California, Sans Surrogates
One thing you can’t help but notice about this year’s election in California is the one thing missing from the campaign trail: famous surrogates and sidekicks.
On other words, where are the Obamas, Bill Clinton (Hillary already with a busy day job), Al Gore . . . either of the Presidents Bush, John McCain, Sarah Palin, Rudy Giuliani . . . ?
And the list goes on . . .
1) 4 out of 5 Californians think the state on the wrong track. Voters give bad grades to both the governor and the Legislature (I’m not making up these numbers — see for yourself). In other words, it’s not a good time to be a politician. And it probably doesn’t help much to have another politician come into the state and offer an “attaboy”.
2) My apologies to Shakespeare, but the fault lies not in ourselves, but the stars. Many of these figures are problematic, as far as a California candidacy is concerned.
Let’s start with Barack Obama. No one can raise more money in a single event. But to campaign with the President begs a host of questions about his agenda, not the candidate’s. And most of those questions — health care, Afghanistan, spending and deficits — are defensive in nature. While it means plenty of coverage, the candidate’s message getting shoved aside. Not good. If you’re Barbara Boxer, you want to spend the day attacking Carly Fiorina, not justifying the choices made by the President and the Democratic Congress.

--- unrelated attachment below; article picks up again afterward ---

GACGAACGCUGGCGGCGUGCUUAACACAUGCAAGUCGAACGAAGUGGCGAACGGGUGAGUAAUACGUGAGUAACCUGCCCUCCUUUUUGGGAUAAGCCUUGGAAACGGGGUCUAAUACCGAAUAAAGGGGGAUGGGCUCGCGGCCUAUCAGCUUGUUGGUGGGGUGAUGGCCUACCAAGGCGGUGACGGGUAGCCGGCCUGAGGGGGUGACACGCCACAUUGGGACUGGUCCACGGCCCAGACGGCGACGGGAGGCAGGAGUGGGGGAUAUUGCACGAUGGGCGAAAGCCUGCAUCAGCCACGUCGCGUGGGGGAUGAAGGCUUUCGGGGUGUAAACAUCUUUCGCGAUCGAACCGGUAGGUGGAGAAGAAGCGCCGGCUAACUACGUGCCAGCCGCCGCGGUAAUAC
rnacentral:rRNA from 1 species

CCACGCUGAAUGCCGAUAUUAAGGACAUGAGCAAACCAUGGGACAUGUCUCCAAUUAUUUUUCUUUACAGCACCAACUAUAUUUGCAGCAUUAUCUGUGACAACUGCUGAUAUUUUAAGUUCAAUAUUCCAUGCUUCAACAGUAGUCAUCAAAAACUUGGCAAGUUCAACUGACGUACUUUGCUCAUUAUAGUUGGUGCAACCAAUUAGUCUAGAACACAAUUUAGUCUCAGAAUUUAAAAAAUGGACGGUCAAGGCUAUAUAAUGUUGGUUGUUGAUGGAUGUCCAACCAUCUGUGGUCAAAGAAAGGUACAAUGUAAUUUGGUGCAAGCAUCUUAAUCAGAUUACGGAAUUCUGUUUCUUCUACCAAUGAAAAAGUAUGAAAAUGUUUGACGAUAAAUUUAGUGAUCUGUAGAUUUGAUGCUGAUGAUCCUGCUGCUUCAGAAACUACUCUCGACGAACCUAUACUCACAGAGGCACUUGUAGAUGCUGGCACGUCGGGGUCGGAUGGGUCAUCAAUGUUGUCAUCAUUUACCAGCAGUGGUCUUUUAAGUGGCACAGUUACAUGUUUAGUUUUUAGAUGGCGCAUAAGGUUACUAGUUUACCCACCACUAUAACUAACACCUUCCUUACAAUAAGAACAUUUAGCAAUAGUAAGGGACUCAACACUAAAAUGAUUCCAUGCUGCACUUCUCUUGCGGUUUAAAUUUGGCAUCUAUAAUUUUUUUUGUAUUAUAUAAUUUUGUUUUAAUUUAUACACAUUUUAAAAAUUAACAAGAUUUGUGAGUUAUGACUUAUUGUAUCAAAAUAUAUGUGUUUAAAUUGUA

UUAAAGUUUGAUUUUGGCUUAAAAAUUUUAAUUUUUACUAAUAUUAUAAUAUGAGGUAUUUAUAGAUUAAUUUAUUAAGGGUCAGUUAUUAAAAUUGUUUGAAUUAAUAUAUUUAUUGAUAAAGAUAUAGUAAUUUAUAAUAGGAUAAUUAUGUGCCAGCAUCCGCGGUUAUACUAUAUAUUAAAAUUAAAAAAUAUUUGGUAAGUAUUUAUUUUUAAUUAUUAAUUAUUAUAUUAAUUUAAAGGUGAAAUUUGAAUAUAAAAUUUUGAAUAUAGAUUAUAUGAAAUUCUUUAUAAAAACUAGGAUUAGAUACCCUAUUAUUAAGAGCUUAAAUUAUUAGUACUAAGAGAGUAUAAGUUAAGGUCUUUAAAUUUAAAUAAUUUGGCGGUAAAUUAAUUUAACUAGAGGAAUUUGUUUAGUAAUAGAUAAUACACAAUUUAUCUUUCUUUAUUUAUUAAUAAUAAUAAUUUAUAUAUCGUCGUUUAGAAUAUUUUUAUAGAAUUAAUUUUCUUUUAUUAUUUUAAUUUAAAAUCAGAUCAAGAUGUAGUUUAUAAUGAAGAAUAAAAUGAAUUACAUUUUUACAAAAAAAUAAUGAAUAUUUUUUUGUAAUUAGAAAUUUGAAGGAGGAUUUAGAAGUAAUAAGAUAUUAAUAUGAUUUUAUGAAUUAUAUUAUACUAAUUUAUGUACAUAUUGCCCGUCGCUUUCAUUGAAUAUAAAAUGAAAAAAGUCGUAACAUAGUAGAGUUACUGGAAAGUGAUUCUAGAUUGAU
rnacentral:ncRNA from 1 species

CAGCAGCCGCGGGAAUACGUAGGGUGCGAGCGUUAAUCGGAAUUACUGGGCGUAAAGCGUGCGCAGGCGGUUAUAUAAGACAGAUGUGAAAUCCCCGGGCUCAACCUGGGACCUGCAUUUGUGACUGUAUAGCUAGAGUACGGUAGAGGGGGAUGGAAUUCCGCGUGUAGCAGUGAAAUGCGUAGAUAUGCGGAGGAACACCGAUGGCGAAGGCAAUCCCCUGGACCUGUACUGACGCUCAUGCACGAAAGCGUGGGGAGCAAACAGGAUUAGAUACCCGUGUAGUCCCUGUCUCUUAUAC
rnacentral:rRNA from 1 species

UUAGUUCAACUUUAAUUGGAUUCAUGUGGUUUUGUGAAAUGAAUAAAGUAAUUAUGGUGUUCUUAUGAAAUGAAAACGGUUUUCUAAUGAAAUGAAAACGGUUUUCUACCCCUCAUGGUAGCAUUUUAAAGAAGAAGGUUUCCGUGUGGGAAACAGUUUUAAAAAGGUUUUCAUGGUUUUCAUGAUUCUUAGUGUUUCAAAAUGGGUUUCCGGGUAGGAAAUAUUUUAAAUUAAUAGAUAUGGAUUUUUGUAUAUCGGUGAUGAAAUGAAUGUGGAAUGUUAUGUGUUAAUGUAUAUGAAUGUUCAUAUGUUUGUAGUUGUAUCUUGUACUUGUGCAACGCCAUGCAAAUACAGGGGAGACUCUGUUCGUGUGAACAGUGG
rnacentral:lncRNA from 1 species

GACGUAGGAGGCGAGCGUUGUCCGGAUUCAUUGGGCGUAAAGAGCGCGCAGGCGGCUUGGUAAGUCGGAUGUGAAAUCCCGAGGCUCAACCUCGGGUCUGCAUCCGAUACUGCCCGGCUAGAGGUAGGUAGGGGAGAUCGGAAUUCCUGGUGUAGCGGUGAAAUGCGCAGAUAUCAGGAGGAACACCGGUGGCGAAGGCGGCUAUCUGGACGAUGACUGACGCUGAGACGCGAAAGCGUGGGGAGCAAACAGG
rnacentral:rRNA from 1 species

As for Bill Clinton, check out this ad by Meg Whitman ad and you’ll see why the former prez won’t be stumping with Jerry Brown anytime soon. This is a big problem for the Brown campaign. The words hurt — more so, arguably, than anything Whitman has said to this point. And Clinton’s an important surrogate — comfort food for Democrats and independents here who remember the good economic times during his presidency.
On the Republican side, Meg Whitman has done events with her business and political mentor, Mitt Romney. And Fiorina has welcomed the notion of Republican superstars — McCain, Massachusetts Sen. Scott Brown — as headliners at private fundraisers.
However, Romney’s not exactly a conduit to the mainstream middle. Nor is McCain, having survived this year’s primary in Arizona in which he veered to the right, the same political “maverick” he was a decade ago.
Come to think of, also missing in action as far as public candidate endorsements go: Arnold Schwarzenegger and his predecessor, Gray Davis (whose predecessor, Pete Wilson, has been out there publicly for Whitman).
So where does this leave California’s candidates? Heaven forbid, mostly on their own. And that’s a good thing. Out-of-state visitors tend to be robotic in their campaigning. Far better for voters to concentrate on the folks actually on the ballot.
One final Clinton footnote: good Democrat that he is, the former President put aside his hatred of Jerry Brown to come out to California in the fall of 1994 to campaign for Jerry’s sister, Kathleen, that year’s gubernatorial nominee. Problem was, Kathleen’s campaign was out of money and off the air. In other words, a bad use of the President’s time. Some have wondered if her big brother will suffer the same fate.